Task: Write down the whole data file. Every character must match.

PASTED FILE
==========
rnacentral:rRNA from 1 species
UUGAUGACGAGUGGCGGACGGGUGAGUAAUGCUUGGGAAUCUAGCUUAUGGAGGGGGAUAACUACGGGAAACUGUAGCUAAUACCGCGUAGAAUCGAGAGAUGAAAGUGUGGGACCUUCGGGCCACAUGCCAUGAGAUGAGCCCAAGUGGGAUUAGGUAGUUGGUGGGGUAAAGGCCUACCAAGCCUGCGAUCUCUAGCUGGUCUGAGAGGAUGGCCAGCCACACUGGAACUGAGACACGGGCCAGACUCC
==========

rnacentral:rRNA from 1 species
UUGAUGACGAGUGGCGGACGGGUGAGUAAUGCUUGGGAAUCUAGCUUAUGGAGGGGGAUAACUACGGGAAACUGUAGCUAAUACCGCGUAGAAUCGAGAGAUGAAAGUGUGGGACCUUCGGGCCACAUGCCAUGAGAUGAGCCCAAGUGGGAUUAGGUAGUUGGUGGGGUAAAGGCCUACCAAGCCUGCGAUCUCUAGCUGGUCUGAGAGGAUGGCCAGCCACACUGGAACUGAGACACGGGCCAGACUCC